It's amazing how often we get the opportunity to watch a stellar pitcher like Felix. I mean, he really is something. It seems like pitchers are always so volatile and so injury-prone and while this is something we constantly discuss, it's especially important to remember after a game like today. For us as Mariners fans, this performance comes as a surprise.
There are fans of teams out there who have seen their aces plummet to mediocrity (Justin Verlander, Tim Lincecum, Matt Cain, CC Sabathia) or struggle to be consistent enough on the field to have sustained success (Ubaldo Jimenez, Clay Buchholz, John Lackey, Julio Teheran) or off the field due to injuries (Erik Bedard, Brandon Webb, Mark Prior, too many to name). Felix has had none of that. He's been consistent, healthy, and hasn't fallen off a cliff even as his career innings totals continue to rise. It's a blessing to have a player like him on our favorite baseball team. You can count the number of pitchers you can say that about in today's game on just one hand.
That being said, even he can be vulnerable. Even Felix is capable of putting up a real stinker. Giving up seven earned runs in 4.2 innings? Yeah, that's pretty bad. But it isn't indicative of anything. Felix is still Felix and still will be Felix and hell, before that whole fiasco with the mud getting stuck in his cleats, he was pretty damn good! He's gonna throw another perfect game, I thought to myself after those first three frames. That's how sharp he looked as he retired the side in the first three innings, needing only 21 pitches to do it. I could feel the energy at Safeco Field even from my own living room. He had his command, his sharpness, his swagger, his competitiveness, he was brilliant.
Then, everything changed. Felix allowed two straight singles to start the fourth. A wild pitch allowed the speedy Brett Gardner to scamper over home plate to score the first run for the Yankees. Two walks later and the bases were loaded. The Mariners would escape the inning allowing just one more run on a double play, entering the home half of the fourth down 2-0.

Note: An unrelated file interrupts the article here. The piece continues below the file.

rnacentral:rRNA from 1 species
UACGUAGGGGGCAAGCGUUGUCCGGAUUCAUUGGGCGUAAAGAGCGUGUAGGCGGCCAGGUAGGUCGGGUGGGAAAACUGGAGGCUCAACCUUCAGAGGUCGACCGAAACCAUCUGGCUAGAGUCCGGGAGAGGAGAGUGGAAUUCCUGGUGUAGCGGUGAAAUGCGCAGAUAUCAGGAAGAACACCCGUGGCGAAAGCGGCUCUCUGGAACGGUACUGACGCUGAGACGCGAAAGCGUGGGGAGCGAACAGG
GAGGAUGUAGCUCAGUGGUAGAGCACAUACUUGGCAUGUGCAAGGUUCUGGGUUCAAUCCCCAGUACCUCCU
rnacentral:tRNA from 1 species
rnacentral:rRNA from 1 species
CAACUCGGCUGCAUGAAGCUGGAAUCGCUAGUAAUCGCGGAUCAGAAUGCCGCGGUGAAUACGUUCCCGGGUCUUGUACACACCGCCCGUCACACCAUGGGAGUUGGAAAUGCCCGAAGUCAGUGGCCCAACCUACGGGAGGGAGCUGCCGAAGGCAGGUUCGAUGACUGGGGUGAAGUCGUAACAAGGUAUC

The M's wouldn't threaten much in the fourth inning and the Yankees started off the fifth inning by loading the bases with nobody out. Chase Headley flied one into the outfield to give the Bombers a 3-0 lead on the sacrifice fly, and an Arod single later allowed the bases to be juiced once again as Mark Teixeira stepped up to the plate. With one swing, he was able to toast Felix for all of the baserunners he allowed.
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Felix would leave the game shortly after, and Mayckol Guaipe came onto the mound to make his major league debut. Guaipe did a brilliant job of keeping the lead from growing any further, throwing 2.1 perfect innings and striking out two. Dominic Leone came on after that to throw the final two innings, allowing just one hit. It's a shame that one of them is likely to go back down to Tacoma after tonight given that Mike Montgomery needs a spot on the roster.
The M's would threaten a little in the seventh when Logan Morrison scored from first on a Seth Smith triple, who later plated on an Austin Jackson double. A Brad Miller walk later and the Mariners were down 7-2 with runners on first and second and nobody out. Mike Zunino and Rickie Weeks quickly defused the threat and the M's would never score again as they were shut out by the Yankee bullpen.
All in all, it was a pretty shitty game. Felix made fans scream into their pillows and the M's collected eight hits, scoring just two runs while the Yankees collected seven hits and scored seven runs. This may be a bit of an annoying trend but it is a god sign to see the Mariner bats put up eight hits against a terrific starting pitcher and a solid bullpen. Tomorrow, the Mariners will face a struggling Sabathia and after that a newly-healthy Masahiro Tanaka who will be far from 100% given that it is his first start back from injury.
A winning home stand is still within grasp, so keep your head up and as always, go M's.